The Carmen generates 1,005bhp, with a sportier “Boulogne” version producing 1,100bhp. While these are explosive, the figures aren’t wildly ambitious; some of today’s hypercars produce double that. However, what sets the Carmen apart is that, unusually, drive is sent to the rear wheels only. More power, more traction and more impressive performance could be achieved with additional motors and four-wheel drive – a point we put to Orus, who responded: “It’s a car that must be fun. We are not looking for record-breaking acceleration, we want the Carmen to be a car that customers love to drive, so rear-wheel drive was perfect. We could put extra motors at the front for 2,000 horsepower with no problems, but that’s not what we wanted.”
The Carmen, then, is being pitched a driver’s car, and not the showpiece for collectors one might expect. Inevitably, as Orus concedes, a low-volume hypercar will invite such buyers, but the car is designed to be driven, trading absolute performance for engagement – a refreshing approach today. Motorsport expertise underpins the project, too; Hispano Suiza’s technical partner is QEV Technologies, and the firm used its Formula E background to optimise the Carmen’s powertrain. The car has two independent motors on each rear wheel, which allowed QEV to develop a bespoke torque-vectoring programme to maximise cornering ability.
The Carmen at Salon Privé is an ex-development car, and whispers suggest that it’ll find its way into the hands of the CEO once the project has been completed. It’s well finished up close, aside from some rudimentary switchgear, and Joan promises that customer cars will be better still. The pandemic has shifted last year’s planned global release to this year, but Hispano Suiza says it has sold the first two cars already, affirming that the revival is tangible. Given the very low production volume, buyers are given huge scope to customise their cars, and no two Carmens will be alike.
There is a potential sticking point, however. Given the rapid development of EV powertrains, there is a suspicion that the latest, tech-laden supercars will not age with the grace of their more analogue predecessors. To do justice to the brand’s history, the Carmen must be a timeless piece, so Hispano Suiza is ensuring that its technology won’t be obsolete in a few years. The carbon-fibre battery housing has been designed to take improved battery packs as the technology progresses, future-proofing the powertrain.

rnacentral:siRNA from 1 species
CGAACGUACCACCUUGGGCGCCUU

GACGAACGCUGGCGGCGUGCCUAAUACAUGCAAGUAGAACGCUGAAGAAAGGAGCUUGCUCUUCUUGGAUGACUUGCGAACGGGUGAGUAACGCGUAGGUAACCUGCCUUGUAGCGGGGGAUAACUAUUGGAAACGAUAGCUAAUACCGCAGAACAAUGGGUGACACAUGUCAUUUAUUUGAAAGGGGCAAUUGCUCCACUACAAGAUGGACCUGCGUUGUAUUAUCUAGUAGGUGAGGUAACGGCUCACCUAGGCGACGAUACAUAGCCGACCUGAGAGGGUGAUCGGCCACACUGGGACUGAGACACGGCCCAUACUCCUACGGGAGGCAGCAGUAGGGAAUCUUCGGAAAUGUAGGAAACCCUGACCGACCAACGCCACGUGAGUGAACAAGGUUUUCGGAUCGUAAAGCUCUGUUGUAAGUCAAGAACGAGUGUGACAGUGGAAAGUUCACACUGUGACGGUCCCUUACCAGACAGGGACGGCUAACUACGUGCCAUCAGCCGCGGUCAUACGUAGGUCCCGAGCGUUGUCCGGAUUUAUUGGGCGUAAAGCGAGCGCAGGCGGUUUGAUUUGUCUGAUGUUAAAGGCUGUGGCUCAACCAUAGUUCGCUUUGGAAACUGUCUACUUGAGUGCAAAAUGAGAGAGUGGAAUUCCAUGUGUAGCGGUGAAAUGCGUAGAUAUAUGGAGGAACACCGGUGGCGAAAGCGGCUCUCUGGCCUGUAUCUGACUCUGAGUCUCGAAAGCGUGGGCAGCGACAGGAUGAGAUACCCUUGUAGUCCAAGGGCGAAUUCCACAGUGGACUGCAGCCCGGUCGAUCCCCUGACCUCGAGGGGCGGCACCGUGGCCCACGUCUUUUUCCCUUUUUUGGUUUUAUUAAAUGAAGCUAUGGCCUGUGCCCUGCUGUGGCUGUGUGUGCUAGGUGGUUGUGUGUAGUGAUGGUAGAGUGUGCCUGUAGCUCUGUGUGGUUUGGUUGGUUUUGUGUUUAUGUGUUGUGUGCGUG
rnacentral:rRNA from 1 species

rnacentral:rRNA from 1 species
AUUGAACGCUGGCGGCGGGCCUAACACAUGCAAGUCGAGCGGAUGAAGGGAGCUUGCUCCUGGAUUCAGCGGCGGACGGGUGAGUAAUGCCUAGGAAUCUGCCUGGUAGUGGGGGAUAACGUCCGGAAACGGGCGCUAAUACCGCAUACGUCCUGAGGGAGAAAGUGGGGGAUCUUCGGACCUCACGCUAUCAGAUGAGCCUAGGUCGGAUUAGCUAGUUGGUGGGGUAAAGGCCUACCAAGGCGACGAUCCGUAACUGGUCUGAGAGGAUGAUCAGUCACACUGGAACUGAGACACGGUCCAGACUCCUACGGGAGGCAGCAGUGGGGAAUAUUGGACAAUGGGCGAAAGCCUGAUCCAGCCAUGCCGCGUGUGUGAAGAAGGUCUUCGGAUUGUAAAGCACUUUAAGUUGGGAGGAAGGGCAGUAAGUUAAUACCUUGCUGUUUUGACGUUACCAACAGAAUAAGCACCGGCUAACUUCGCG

This keeps the Carmen’s GT credentials firmly in mind, and should bring range improvements in the future. Orus emphasises that, although driver engagement is the focus, the car has also been designed to cross continents in supreme comfort, in the same vein as past Hispano Suizas. “We wanted the car to be comfortable for the driver, as well as fast. The customer should be able to drive 300 or 400 kilometres on the weekend, and we have designed the suspension, brakes and steering to be comfortable.”
And on cue, the automatic butterfly-hinged doors opened and it was time to step inside the new Carmen. The driving environment is opulent, with swathes of wood, leather and metal. The angular switchgear and centre console design are at odds with the swooping exterior lines, but the ambience is spectacular. The windscreen is incredibly shallow, though, and Joan tells me that a glass roof has been installed to compensate for the slightly intimidating view out. However, to my eye, the flat rectangular gauge cluster display is jarring against the rest of the cabin, and the upward-facing infotainment touchscreen is likely to catch reflections when on the move – not ideal when you’re trying to operate a 1,005bhp, limited-run slice of exotica.
Dulling the excitement slightly is a set of air vents from the previous Mercedes C-Class, and a steering wheel from a 10-year-old Audi A3. However, Joan tells me that the scope for customisation is almost endless. The interior can be trimmed in almost any material – even crocodile leather.
With development of the Carmen complete, Hispano Suiza is turning to the task of selling all 25 examples at over 1.5 million Euros apiece. But as a resurgent brand, surely a single, hyper-exclusive model is not enough to re-establish it? Joan agrees: “We have not revived the brand to create a small number of cars then disappear, so more models will come in the future”. When pressed, he revealed that the next car will carry over the ethos of the Carmen to a more accessible price bracket. Over to you, Hispano Suiza…
Now read about Hispano Suiza’s €2.2million Maguari HS1 GTC supercar